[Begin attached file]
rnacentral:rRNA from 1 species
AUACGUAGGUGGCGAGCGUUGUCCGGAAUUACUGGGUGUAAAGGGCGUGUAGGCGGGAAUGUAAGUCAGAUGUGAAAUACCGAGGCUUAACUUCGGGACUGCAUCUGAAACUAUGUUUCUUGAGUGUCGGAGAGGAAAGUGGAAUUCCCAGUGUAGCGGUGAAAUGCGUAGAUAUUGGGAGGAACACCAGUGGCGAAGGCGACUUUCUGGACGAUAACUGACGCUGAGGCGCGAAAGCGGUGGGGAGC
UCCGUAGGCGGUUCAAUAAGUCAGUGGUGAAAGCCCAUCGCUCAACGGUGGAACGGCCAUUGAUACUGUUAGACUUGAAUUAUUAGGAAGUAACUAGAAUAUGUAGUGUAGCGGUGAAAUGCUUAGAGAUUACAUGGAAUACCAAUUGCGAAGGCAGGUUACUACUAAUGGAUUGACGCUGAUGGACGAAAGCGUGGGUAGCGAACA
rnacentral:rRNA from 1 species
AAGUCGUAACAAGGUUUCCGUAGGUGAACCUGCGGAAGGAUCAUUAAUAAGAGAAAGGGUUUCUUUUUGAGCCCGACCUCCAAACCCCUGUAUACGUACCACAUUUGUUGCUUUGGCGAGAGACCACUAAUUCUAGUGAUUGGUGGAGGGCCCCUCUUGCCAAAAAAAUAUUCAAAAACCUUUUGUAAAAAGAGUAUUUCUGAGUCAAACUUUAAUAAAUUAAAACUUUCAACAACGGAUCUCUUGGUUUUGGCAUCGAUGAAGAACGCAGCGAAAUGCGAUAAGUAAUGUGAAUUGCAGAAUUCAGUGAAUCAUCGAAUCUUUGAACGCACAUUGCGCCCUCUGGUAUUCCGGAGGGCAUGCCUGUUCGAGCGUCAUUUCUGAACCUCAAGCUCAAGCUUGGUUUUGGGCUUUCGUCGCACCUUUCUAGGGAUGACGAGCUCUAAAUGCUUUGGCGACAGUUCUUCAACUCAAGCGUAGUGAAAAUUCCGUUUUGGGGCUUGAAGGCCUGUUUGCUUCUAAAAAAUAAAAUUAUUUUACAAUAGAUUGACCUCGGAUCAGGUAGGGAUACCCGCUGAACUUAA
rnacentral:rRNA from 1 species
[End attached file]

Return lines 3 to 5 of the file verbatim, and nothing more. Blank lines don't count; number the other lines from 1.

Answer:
UCCGUAGGCGGUUCAAUAAGUCAGUGGUGAAAGCCCAUCGCUCAACGGUGGAACGGCCAUUGAUACUGUUAGACUUGAAUUAUUAGGAAGUAACUAGAAUAUGUAGUGUAGCGGUGAAAUGCUUAGAGAUUACAUGGAAUACCAAUUGCGAAGGCAGGUUACUACUAAUGGAUUGACGCUGAUGGACGAAAGCGUGGGUAGCGAACA
rnacentral:rRNA from 1 species
AAGUCGUAACAAGGUUUCCGUAGGUGAACCUGCGGAAGGAUCAUUAAUAAGAGAAAGGGUUUCUUUUUGAGCCCGACCUCCAAACCCCUGUAUACGUACCACAUUUGUUGCUUUGGCGAGAGACCACUAAUUCUAGUGAUUGGUGGAGGGCCCCUCUUGCCAAAAAAAUAUUCAAAAACCUUUUGUAAAAAGAGUAUUUCUGAGUCAAACUUUAAUAAAUUAAAACUUUCAACAACGGAUCUCUUGGUUUUGGCAUCGAUGAAGAACGCAGCGAAAUGCGAUAAGUAAUGUGAAUUGCAGAAUUCAGUGAAUCAUCGAAUCUUUGAACGCACAUUGCGCCCUCUGGUAUUCCGGAGGGCAUGCCUGUUCGAGCGUCAUUUCUGAACCUCAAGCUCAAGCUUGGUUUUGGGCUUUCGUCGCACCUUUCUAGGGAUGACGAGCUCUAAAUGCUUUGGCGACAGUUCUUCAACUCAAGCGUAGUGAAAAUUCCGUUUUGGGGCUUGAAGGCCUGUUUGCUUCUAAAAAAUAAAAUUAUUUUACAAUAGAUUGACCUCGGAUCAGGUAGGGAUACCCGCUGAACUUAA